In such a structure, the intensity of the magnetic field produced by the auxiliary coil 7 is not affected so much by the environment, since the number of turns of the auxiliary coil 7 is extraordinarily small in comparison with that of the deflecting coil. Accordingly, the distribution of the magnetic field in the auxiliary coil is similar to that of the undesired magnetic field shown in FIG. 1c. With regard to the asymmetrical undesired magnetic field shown in FIG. 9, when the auxiliary coil 7 is rotated in the clockwise direction or in the counter-clockwise direction around the central axis of the cathode ray tube 1, the magnetic field produced form the auxiliary coil is also rotated and becomes asymmetrical compared to what is shown in FIG. 3a. Accordingly, it is possible to attain the position at which the cancelling effect with respect to the undesired radiation is maximum. The range of adjustment in this case is about ±10° of the rotational angle. The elongated slit 17 of the fixture 16 is arranged in advance so that the position of the auxiliary coil 7 itself may be finely adjusted to-and-fro.
FIG. 12 demonstrates the cancelling effect with respect to the undesired radiation based upon the radiation suppression device in accordance with the present invention; the level of undesired radiation is denoted in each case in curve (a) when means for suppressing the undesired radiation from the deflecting coil is not installed; in curve (b) when the magnetic shielding shown in FIG. 2 is implemented; and in curve (c) when the radiation suppression device of the present invention is installed. This graph demonstrates that at the frequency of 31.5 KHz, the level of undesired radiation is reduced by 10 dB in the case of curve (b) and by 15 dB in the case of curve (c), as compared with the case of curve (a).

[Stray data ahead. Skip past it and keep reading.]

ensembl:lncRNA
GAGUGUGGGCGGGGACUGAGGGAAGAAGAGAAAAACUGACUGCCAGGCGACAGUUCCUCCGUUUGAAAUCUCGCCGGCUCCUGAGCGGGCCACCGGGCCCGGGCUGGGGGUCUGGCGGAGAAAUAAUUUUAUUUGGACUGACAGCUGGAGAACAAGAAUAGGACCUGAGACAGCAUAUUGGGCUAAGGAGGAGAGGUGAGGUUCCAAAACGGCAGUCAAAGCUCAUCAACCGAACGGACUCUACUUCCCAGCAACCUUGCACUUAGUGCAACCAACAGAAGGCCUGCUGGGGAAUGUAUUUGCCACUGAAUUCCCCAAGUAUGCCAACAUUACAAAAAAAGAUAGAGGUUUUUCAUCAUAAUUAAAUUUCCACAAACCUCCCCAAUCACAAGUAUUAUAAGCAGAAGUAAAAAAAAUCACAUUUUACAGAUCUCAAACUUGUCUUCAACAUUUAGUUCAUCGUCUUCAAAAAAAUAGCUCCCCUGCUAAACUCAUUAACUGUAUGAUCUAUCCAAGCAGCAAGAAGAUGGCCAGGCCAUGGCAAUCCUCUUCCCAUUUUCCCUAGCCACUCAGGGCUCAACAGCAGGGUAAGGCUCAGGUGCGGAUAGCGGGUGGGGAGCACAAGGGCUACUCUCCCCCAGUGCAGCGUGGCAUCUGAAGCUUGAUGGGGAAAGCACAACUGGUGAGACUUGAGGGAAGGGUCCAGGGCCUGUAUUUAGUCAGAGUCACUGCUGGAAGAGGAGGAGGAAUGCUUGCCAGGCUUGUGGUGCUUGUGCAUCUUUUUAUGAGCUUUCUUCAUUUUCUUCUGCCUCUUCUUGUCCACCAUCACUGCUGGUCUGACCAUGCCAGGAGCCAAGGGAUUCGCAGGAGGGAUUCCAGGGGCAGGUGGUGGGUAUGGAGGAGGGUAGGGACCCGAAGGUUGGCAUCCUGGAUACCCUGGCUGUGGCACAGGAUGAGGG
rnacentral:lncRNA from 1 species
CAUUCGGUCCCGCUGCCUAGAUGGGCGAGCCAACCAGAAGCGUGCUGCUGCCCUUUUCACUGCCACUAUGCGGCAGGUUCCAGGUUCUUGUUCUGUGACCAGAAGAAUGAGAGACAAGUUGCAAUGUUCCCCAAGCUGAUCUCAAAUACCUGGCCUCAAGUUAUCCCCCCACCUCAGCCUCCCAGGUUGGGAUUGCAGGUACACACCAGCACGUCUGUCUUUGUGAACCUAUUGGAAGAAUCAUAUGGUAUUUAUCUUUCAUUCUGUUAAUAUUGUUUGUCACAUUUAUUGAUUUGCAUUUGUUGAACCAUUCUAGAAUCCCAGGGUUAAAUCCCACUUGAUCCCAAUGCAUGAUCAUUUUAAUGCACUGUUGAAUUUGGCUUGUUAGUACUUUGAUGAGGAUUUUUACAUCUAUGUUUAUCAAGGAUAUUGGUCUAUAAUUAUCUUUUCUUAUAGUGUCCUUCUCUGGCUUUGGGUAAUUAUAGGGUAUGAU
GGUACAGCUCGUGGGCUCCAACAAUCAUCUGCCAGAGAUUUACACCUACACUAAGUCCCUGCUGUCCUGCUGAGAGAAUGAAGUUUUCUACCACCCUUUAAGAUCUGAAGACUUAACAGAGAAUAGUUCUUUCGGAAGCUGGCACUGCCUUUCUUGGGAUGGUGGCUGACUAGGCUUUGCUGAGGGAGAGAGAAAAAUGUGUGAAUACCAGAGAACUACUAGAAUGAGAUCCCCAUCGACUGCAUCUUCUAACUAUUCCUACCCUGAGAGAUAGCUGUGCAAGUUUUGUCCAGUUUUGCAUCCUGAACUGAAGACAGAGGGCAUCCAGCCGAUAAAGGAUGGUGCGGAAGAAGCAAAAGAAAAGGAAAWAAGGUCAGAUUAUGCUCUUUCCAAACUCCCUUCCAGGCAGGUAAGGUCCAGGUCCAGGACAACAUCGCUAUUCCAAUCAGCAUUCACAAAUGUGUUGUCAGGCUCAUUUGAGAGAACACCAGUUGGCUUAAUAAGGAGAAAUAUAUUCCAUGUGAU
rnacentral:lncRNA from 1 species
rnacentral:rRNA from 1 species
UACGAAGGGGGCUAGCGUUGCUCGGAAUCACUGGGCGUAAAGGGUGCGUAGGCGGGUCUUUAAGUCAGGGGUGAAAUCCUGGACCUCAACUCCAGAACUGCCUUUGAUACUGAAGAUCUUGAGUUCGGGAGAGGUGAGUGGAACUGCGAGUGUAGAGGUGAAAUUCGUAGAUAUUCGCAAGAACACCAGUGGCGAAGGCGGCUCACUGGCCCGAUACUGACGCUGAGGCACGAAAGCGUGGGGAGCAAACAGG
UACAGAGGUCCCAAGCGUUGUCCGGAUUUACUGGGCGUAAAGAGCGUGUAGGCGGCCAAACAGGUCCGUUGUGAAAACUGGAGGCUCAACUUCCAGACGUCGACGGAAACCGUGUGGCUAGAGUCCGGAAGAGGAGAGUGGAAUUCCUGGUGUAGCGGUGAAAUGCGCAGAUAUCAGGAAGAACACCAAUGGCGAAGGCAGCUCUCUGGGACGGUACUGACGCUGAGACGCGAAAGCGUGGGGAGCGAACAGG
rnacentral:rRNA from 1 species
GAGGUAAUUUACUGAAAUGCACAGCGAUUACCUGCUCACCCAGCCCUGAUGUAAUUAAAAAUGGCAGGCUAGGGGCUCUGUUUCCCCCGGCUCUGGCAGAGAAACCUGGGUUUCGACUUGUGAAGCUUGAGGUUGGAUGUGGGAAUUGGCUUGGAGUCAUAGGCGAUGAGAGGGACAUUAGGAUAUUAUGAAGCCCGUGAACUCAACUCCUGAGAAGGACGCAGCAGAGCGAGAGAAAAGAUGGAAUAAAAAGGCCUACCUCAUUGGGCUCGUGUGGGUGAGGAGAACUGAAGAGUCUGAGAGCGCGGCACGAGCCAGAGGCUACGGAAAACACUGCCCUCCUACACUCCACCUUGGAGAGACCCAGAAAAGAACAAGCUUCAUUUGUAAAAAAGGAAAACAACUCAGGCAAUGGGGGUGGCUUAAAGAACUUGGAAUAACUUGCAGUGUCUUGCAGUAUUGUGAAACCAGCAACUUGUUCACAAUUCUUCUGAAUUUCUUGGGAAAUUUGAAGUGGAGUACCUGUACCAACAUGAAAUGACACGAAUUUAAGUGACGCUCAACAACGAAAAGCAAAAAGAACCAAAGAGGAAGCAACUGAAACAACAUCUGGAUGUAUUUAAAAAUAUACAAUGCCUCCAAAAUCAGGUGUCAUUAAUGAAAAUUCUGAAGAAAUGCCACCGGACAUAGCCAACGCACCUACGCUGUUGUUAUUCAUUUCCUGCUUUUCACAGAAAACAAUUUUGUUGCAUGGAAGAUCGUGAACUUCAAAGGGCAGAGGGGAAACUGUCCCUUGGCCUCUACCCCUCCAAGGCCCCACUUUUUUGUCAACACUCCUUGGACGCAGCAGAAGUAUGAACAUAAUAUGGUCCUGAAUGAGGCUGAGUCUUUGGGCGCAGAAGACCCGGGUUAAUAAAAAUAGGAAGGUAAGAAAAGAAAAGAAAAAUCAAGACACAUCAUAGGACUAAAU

While the preferred form of the present invention has been described, it is to be understood that modification will be apparent to those skilled in the art without departing from the spirit of the invention.
The scope of the invention, therefore, is to be determined solely by the following claims.
|Cited Patent||Filing date||Publication date||Applicant||Title|
|US3792698 *||Jun 8, 1973||Feb 19, 1974||Commercial Appliances Inc||Means for muffling exhaust of pressure cooking apparatus|
|US3824515 *||May 12, 1972||Jul 16, 1974||Holman B||Screening cage|
|US4237438 *||Dec 19, 1978||Dec 2, 1980||Rca Corporation||High resistance continuous shield for reduced capacitive coupling in a deflection yoke|
|US4337448 *||Apr 21, 1980||Jun 29, 1982||U.S. Philips Corporation||Electromagnetic device for focusing and deflecting electron beams|
|US4392083 *||Nov 20, 1981||Jul 5, 1983||Teletype Corporation||Radiation shield for a cathode ray tube|
|US4494692 *||Sep 18, 1981||Jan 22, 1985||Dobias John J||Steam trap|
|1||C. L. Meador et al., "Exhaust Vent Muffler Design", ASME Publication Paper No. 71-Saf-A, 1971, pp. 1-13.|
|2||*||C. L. Meador et al., Exhaust Vent Muffler Design , ASME Publication Paper No. 71 Saf A, 1971, pp. 1 13.|
|4||S. A. Waggoner et al., "Evaluation of Steam Mufflers for the Food Processing Industry", ASAE Technical Paper No. 78-6002, 1976, pp. 1-17.|